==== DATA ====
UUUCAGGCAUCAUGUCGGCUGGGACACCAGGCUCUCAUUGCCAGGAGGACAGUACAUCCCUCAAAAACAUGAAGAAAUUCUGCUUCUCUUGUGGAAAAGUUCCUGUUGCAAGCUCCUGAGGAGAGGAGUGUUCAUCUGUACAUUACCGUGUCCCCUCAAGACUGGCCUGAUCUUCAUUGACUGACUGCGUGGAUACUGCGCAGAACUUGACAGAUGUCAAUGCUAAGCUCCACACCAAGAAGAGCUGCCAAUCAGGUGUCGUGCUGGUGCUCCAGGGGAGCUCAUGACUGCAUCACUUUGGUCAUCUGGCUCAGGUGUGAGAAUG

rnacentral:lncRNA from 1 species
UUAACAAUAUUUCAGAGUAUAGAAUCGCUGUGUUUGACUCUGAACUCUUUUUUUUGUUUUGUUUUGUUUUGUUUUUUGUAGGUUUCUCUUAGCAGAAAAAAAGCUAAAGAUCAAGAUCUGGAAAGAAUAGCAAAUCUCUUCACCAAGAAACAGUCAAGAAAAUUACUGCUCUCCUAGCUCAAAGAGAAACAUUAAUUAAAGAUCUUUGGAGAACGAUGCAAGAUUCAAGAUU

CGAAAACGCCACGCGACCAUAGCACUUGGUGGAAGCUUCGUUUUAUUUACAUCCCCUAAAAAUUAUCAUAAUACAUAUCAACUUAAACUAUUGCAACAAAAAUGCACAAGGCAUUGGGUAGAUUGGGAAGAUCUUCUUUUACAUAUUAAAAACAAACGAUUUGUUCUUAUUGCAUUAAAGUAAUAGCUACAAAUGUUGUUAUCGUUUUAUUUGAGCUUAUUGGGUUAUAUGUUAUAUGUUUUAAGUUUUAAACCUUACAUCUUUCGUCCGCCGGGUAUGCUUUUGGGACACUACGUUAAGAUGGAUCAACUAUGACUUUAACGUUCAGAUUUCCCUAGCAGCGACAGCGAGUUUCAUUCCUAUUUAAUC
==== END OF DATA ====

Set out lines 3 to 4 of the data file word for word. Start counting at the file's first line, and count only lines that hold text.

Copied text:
UUAACAAUAUUUCAGAGUAUAGAAUCGCUGUGUUUGACUCUGAACUCUUUUUUUUGUUUUGUUUUGUUUUGUUUUUUGUAGGUUUCUCUUAGCAGAAAAAAAGCUAAAGAUCAAGAUCUGGAAAGAAUAGCAAAUCUCUUCACCAAGAAACAGUCAAGAAAAUUACUGCUCUCCUAGCUCAAAGAGAAACAUUAAUUAAAGAUCUUUGGAGAACGAUGCAAGAUUCAAGAUU

CGAAAACGCCACGCGACCAUAGCACUUGGUGGAAGCUUCGUUUUAUUUACAUCCCCUAAAAAUUAUCAUAAUACAUAUCAACUUAAACUAUUGCAACAAAAAUGCACAAGGCAUUGGGUAGAUUGGGAAGAUCUUCUUUUACAUAUUAAAAACAAACGAUUUGUUCUUAUUGCAUUAAAGUAAUAGCUACAAAUGUUGUUAUCGUUUUAUUUGAGCUUAUUGGGUUAUAUGUUAUAUGUUUUAAGUUUUAAACCUUACAUCUUUCGUCCGCCGGGUAUGCUUUUGGGACACUACGUUAAGAUGGAUCAACUAUGACUUUAACGUUCAGAUUUCCCUAGCAGCGACAGCGAGUUUCAUUCCUAUUUAAUC